By Steve Schifferes
Economics reporter, BBC News
There is considerable unease about the pace of globalisation around the world, according to a new BBC global poll.
Life has changed dramatically in urban areas like Shanghai
Half of all people polled across 34 countries say that the pace of globalisation is too fast, while 35% say globalisation is going too slowly.
But concern about globalisation is strongest among the world's richest countries, where it is closely correlated with a belief that the fruits of economic growth have been unfairly shared.
In many of the world's poorest countries, however, where large majorities say that the benefits and burdens of economic development have not been shared fairly, people are more likely to say that globalisation is proceeding too slowly.
"People in some developing countries want to accelerate globalisation and appear to believe that this will help break down some of the inequities in their country," said Steven Kull of the University of Maryland's Program on International Policy Attitudes, a co-sponsor of the poll.
Among the countries where this correlation is strongest are the Philippines, Indonesia, Brazil, Kenya and Mexico.
Overall, 64% of the global public believes that the economic benefits of growth have been shared unfairly, with majorities favouring this view in 27 out of 34 countries.
One exception to the pattern is China, which has experienced extraordinary economic growth of over 10% annually during the last decade.
In surveys conducted only in urban areas, most Chinese say that economic growth has been fairly distributed even though economists say the gap between rural and urban areas has widened sharply.
But the Chinese public is strongly concerned about the pace of globalisation, which is dramatically transforming the physical and social landscape of cities like Shanghai.
So it appears that for some emerging market countries, concern about globalisation centres around social dislocation rather than its economic costs.
The same pattern may apply in India in cities like Bangalore, although polling was not completed there in time to be included in this survey.
The survey, which was conducted before the recent sharp falls in world share markets, also shows considerable unease about deteriorating economic conditions, especially in rich countries.
Only 22% of US citizens said economic conditions were getting better in their country, with 78% saying they were getting worse.
Citizens in France, Italy and Japan are equally pessimistic, with only 22% of French people and 33% of Japanese saying conditions were getting better.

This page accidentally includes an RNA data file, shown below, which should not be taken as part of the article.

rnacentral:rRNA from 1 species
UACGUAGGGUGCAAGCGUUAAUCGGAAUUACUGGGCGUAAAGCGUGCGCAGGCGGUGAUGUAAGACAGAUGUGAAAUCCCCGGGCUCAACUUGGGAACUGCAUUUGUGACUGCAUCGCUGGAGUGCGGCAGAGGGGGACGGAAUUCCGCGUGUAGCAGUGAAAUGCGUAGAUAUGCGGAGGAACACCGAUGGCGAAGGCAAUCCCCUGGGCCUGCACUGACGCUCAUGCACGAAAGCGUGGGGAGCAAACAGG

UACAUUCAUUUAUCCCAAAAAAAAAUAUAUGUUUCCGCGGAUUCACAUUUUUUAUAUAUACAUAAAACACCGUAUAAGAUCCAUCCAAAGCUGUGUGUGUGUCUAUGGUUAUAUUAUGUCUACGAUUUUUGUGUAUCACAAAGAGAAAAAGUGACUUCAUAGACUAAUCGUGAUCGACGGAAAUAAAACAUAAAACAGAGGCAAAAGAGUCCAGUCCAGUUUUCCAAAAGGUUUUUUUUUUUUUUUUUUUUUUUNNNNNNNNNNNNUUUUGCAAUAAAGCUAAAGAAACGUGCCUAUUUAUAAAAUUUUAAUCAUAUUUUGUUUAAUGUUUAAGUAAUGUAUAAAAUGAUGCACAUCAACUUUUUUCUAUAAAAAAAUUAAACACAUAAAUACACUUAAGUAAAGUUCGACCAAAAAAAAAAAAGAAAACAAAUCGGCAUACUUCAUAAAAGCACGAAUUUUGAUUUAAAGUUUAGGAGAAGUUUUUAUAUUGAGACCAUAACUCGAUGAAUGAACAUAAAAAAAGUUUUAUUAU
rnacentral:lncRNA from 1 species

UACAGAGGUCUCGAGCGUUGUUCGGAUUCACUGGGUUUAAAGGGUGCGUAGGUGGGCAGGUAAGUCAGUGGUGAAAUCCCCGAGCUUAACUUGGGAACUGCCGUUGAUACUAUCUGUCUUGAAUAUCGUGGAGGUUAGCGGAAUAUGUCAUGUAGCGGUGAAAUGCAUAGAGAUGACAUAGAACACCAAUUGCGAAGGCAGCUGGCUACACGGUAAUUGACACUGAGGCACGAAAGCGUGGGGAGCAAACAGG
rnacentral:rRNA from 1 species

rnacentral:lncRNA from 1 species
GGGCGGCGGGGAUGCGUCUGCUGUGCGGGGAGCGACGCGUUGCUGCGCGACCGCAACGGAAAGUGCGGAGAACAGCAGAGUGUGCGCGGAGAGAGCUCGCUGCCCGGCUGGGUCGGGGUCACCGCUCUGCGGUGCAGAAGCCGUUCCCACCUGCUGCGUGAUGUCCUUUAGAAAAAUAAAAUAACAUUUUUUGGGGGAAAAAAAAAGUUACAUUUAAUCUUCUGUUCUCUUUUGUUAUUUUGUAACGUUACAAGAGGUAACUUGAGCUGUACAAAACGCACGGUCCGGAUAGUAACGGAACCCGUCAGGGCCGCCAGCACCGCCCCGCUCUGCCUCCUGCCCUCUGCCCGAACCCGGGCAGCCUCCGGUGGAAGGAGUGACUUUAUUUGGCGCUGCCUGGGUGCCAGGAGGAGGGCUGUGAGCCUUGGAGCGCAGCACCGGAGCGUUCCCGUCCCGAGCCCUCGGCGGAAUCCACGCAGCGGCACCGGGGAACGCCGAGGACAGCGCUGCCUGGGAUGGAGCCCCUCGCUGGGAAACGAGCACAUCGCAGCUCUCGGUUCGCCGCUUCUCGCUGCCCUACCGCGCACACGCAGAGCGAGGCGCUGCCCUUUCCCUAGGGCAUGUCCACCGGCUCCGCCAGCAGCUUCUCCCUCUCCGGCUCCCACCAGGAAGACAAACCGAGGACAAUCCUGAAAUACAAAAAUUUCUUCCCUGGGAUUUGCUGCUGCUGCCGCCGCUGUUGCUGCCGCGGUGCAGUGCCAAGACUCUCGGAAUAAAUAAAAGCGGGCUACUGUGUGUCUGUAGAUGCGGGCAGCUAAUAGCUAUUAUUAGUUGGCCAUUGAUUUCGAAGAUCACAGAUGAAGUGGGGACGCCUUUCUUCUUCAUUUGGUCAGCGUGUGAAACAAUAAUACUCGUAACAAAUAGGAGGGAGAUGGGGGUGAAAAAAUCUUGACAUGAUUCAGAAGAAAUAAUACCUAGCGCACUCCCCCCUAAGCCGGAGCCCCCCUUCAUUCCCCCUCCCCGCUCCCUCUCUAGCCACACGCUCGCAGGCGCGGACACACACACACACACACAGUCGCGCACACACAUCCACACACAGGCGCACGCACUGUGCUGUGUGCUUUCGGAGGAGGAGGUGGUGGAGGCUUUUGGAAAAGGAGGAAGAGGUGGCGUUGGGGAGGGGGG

In contrast, there was economic optimism in China, Russia, Canada, Australia, and the UAE, all countries which are benefitting from increased economic growth, partly as the result of rising commodity prices for oil and minerals.
It is also striking that among rich countries, concern about globalisation is strongest among Western European countries such as France, Spain, and Italy who favour a social model of development.
It is slightly weaker in "Anglo-Saxon" economies such as the US and the UK, where growth is actually slowing faster and inequality has been rising more sharply.
"There is real public concern about the direction of the economy, but it's not only about a downturn. It also has to do with how fairly the benefits and burdens are shared, and the pace of globalisation," said Doug Miller, director of Globescan, the polling company that conducted the survey on behalf of the BBC.
With growing protectionist rhetoric among Democrats ahead of a presidential election in the US, the poll suggests that restarting the stalled world trade talks - and overcoming the growing scepticism about the benefits of free trade in industrial countries - could be an uphill task.
Globescan interviewed 34,528 people in Argentina, Australia, Brazil, Canada, Chile, China, Costa Rica, Egypt, El Salvador, France, Ghana, Germany, Great Britain, Guatemala, Honduras, India, Indonesia, Israel, Italy, Japan, Kenya, Lebanon, Mexico, Nicaragua, Nigeria, Panama, the Philippines, Portugal, Russia, South Korea, Spain, Turkey, UAE, and the United States.
Interviews were conducted face-to-face or by telephone between 31 October 2007 and 25 January 2008, before recent falls in world share prices.
In 16 of the 34 countries, the sample was limited to major urban areas.
The margin of error per country ranges from +/- 2.4% to 4.4%.